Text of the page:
If you've heard anything at all about this week's meeting then you've probably heard about the bike lanes on Mason Street. Following several hours of debate on Tuesday the Municipal Services Committee voted 3-2 to recommend approval of installation of two, six-foot wide bike lanes on either side of Mason Street from Prospect Avenue to the north city limits, removing street parking on all but a couple of blocks of the street.
This is easily the most debated issue that's come forward in my short time around the council, as Tuesday's 4 1/2 hour committee meeting wasn't even the only time it's been discussed. I understand that there's really no popular decision available here, as either the bike community or many of the residents on this street will be upset with any choice made.
With that said, I'm planning on voting for this for the following reasons:
- After listening to debate Tuesday night I'm increasingly convinced that there's not a better location that isn't simply an attempt to remove this issue from one street and put it on another street or collection of streets.
- The compromises I've heard proposed (one-way bike lanes on different streets and/or a "hybrid" system like on Capitol) don't really resonate with me. The one-way bike lanes create a compliance issue if bikers decide to go the wrong way and the format currently used on Capitol created both a bike and parking lane that are too narrow to be useful.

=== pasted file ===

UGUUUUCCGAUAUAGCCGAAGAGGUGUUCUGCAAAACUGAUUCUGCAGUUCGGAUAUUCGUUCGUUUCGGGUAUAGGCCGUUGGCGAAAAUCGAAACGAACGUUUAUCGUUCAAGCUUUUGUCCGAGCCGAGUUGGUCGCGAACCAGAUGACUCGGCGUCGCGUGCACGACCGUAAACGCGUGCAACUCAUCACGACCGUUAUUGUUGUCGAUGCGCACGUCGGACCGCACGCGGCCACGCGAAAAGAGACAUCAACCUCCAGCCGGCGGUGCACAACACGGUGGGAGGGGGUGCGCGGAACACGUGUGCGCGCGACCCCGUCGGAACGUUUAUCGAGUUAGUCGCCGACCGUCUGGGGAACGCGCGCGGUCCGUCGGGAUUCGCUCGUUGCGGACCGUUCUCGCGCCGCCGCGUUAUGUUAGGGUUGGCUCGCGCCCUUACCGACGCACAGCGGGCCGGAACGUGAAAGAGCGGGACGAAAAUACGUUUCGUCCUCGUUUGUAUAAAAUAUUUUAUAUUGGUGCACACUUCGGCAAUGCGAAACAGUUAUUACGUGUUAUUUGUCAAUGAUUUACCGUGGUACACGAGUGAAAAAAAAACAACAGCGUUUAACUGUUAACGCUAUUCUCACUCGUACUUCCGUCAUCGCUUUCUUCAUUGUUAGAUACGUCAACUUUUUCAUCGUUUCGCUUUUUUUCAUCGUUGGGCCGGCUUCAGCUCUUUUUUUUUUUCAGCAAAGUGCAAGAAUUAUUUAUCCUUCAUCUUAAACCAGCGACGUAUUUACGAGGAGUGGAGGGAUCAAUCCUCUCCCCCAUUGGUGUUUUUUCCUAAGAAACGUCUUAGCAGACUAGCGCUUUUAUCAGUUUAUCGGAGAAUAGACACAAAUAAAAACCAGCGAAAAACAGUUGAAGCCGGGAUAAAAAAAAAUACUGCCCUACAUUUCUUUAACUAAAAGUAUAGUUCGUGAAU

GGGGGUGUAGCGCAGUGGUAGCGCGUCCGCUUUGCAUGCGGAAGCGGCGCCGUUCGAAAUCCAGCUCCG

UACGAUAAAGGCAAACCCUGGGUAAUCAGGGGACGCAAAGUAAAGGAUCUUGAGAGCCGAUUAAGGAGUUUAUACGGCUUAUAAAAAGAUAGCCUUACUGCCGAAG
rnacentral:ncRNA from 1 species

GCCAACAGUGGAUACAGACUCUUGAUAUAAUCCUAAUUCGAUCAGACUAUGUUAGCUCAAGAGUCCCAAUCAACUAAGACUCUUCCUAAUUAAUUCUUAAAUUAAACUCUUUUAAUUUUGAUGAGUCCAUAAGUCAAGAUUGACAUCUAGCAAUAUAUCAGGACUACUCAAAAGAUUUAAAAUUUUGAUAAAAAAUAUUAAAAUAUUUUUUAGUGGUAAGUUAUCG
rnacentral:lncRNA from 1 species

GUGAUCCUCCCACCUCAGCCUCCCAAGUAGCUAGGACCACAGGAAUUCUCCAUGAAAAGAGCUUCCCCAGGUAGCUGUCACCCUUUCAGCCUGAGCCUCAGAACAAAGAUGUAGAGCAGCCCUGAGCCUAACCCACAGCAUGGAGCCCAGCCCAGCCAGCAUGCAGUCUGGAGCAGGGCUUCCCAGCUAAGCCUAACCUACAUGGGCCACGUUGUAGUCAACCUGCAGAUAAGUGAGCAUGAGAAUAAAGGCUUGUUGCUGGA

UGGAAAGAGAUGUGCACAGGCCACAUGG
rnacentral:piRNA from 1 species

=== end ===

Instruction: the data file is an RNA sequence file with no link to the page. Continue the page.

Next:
Also under the Muni Services heading, Wednesday night will be the first time the full council hears Alderman Croatt's resolution calling for the city to look at other options regarding the city's new recycling bins. This will likely draw some conversation but is unlikely to be too controversial, as all the resolution is asking for is a study of alternatives and no changes are likely to be made until the 2014 budget.
City Plan Commission
The Commission met last Monday and again voted to approve a special use permit for the proposed Kwik Trip on Highway JJ. There doesn't appear to be any new developments in this issue over the last two weeks, so I'd expect it to pass council without major issue.
The big issue for me this week comes from the Finance Committee, where members voted 3-2 on Wednesday to recommend approval of a plan that would establish an ongoing system to set interest rates for property owners who opt to finance their special assessment payments.
The proposed plan is going to be controversial because the proposed system is likely to raise the rate from 6% to 9% for 2014. Council just voted last fall to lower the rate from 9% to 6%.
I've written about this at length in the past, but I'm strongly opposed to this plan as written. I spoke against this plan at the Finance Committee meeting last week and plan on speaking against it again on Wednesday. Simply put, we all have constituents that have no choice but to finance their special assessments with the city. They may be ineligible for loans, unemployed or underemployed, retired and on a fixed income or in some other kind of financial bind that limits their options. We need to be exceptionally careful as a council that we don't set a rate that's arbitrarily high and punitive to those among us who can least afford it.